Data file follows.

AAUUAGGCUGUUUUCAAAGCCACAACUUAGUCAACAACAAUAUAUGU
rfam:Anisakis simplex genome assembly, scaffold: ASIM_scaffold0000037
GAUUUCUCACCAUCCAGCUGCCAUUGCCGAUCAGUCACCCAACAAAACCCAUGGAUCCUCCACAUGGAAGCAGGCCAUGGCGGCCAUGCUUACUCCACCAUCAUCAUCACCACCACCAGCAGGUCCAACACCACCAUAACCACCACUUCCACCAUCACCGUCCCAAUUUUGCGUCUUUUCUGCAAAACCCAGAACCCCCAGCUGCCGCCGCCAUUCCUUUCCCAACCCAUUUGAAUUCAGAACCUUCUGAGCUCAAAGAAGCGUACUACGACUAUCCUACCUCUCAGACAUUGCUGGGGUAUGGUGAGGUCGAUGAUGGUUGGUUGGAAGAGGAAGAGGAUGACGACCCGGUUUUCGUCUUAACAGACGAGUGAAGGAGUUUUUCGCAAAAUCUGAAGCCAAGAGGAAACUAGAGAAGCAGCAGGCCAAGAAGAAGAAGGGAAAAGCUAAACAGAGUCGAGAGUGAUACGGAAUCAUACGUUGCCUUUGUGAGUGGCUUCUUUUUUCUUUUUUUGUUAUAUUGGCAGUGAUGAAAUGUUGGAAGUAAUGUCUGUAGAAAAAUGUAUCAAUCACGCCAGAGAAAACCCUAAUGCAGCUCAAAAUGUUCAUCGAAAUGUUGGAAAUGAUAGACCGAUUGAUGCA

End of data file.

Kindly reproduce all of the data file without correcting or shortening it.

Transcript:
AAUUAGGCUGUUUUCAAAGCCACAACUUAGUCAACAACAAUAUAUGU
rfam:Anisakis simplex genome assembly, scaffold: ASIM_scaffold0000037
GAUUUCUCACCAUCCAGCUGCCAUUGCCGAUCAGUCACCCAACAAAACCCAUGGAUCCUCCACAUGGAAGCAGGCCAUGGCGGCCAUGCUUACUCCACCAUCAUCAUCACCACCACCAGCAGGUCCAACACCACCAUAACCACCACUUCCACCAUCACCGUCCCAAUUUUGCGUCUUUUCUGCAAAACCCAGAACCCCCAGCUGCCGCCGCCAUUCCUUUCCCAACCCAUUUGAAUUCAGAACCUUCUGAGCUCAAAGAAGCGUACUACGACUAUCCUACCUCUCAGACAUUGCUGGGGUAUGGUGAGGUCGAUGAUGGUUGGUUGGAAGAGGAAGAGGAUGACGACCCGGUUUUCGUCUUAACAGACGAGUGAAGGAGUUUUUCGCAAAAUCUGAAGCCAAGAGGAAACUAGAGAAGCAGCAGGCCAAGAAGAAGAAGGGAAAAGCUAAACAGAGUCGAGAGUGAUACGGAAUCAUACGUUGCCUUUGUGAGUGGCUUCUUUUUUCUUUUUUUGUUAUAUUGGCAGUGAUGAAAUGUUGGAAGUAAUGUCUGUAGAAAAAUGUAUCAAUCACGCCAGAGAAAACCCUAAUGCAGCUCAAAAUGUUCAUCGAAAUGUUGGAAAUGAUAGACCGAUUGAUGCA